Managing Director of Plan4Sport, Louise Tideswell, said: ‘We’ve been working on the review since January this year and our view is clear: the governance and leadership practices of Cricket Scotland have been institutionally racist.
‘Over the review period we have seen the bravery of so many people coming forward to share their stories which had clearly impacted on their lives.
‘People who have loved cricket and, despite the many knockbacks, continued to try and make progress, umpires who committed so many hours even though promotion never came, and players who saw or heard racism and hostility, but kept coming back to play.
‘The reality is that the leadership of the organisation failed to see the problems and, in failing to do so, enabled a culture of racially aggravated micro-aggressions to develop. It didn’t address the lack of diversity at board and staff level and missed the need to develop transparent reporting, investigation and case management processes to address incidents of racism and discrimination.
‘But I also want to add that whilst the governance and leadership practices of the organisation have been institutionally racist, the same should not be said for cricket in Scotland. There are many outstanding clubs and individuals delivering local programmes which truly engage with diverse communities.
Managing Director of Plan4Sport, Louise Tideswell, praised the bravery of those who came forward
‘We have heard from grassroots players, volunteers and umpires who were passionate about ensuring cricket was open and welcoming to everyone.
‘Plan4Sport sees this as a real opportunity to invest in and build on the good world already taking place through development programmes and club opportunities to truly create a game for everyone.’
Chief Executive of sportscotland, Stewart Harris, said: ‘We would like to thank everyone who contributed to the review, particularly those who came forward to share their experiences.
‘This will have been a very difficult, and in some cases traumatic experience, and we hope this report provides the victims with some degree of assurance that their voices have been heard and that action will be taken.
‘We also want to thank Louise Tideswell and the team of experts from Plan4Sport, who have worked tirelessly over the past seven months. They have shown an incredible degree of professionalism, compassion and empathy when speaking to the hundreds of people who contributed to the Changing The Boundaries report.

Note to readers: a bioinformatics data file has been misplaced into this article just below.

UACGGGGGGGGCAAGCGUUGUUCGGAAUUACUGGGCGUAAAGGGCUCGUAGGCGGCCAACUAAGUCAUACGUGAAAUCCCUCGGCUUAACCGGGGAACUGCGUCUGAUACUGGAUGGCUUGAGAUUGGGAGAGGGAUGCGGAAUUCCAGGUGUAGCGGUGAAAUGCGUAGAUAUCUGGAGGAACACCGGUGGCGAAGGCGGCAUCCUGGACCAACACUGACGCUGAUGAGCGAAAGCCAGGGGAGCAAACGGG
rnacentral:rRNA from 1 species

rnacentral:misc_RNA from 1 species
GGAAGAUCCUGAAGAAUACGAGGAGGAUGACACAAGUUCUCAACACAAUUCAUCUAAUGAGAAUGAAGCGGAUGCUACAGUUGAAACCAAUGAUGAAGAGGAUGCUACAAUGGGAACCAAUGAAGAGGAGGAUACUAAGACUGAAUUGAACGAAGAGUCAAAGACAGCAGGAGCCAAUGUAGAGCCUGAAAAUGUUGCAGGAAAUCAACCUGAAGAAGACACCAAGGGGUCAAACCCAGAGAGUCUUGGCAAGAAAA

Majid Haq was banished from the Cricket World Cup in 2015 after a race-related tweet
‘The findings in this report are deeply concerning and in some cases shocking. Sport should be a welcoming place for all and it is unacceptable that anyone has suffered racist abuse and discrimination while playing the game they love.
‘As the national agency for sport, we will work with and support Cricket Scotland to help change the culture of Scottish cricket and that must now be the focus. There has been some progress in recent months but we need to see more steps being taken to address the issues raised and importantly that includes the referrals.
‘We will keep all options on the table as we hold Cricket Scotland to account on all of the recommendations contained within this report.
‘Today should also act as a wake-up call for all of Scottish sport. Racism is a societal problem and it is no longer good enough to simply be non-racist, Scottish sport must now be actively anti-racist.’
Qasim Sheikh is one of those accusing the governing body of institutional racism
Publication of Changing The Boundaries follows an in-depth consultation exercise involving hundreds of people from across all levels of Scottish cricket including grassroots players, staff, national squad players, board members, coaches, regional association management committee members and match officials and club members.
The review, launched in December 2021 by Sportscotland, was set up following concerns raised to Scotland’s national sport agency in November last year.
Former Scotland cricketers Majid Haq and Qasim Sheikh had also spoken out publicly about their experiences of racism in the sport and called Cricket Scotland ‘institutionally racist.’ Sportsmail has followed their story since December last year.
Last year, the 39-year-old former spinner accused Cricket Scotland of ‘institutional racism’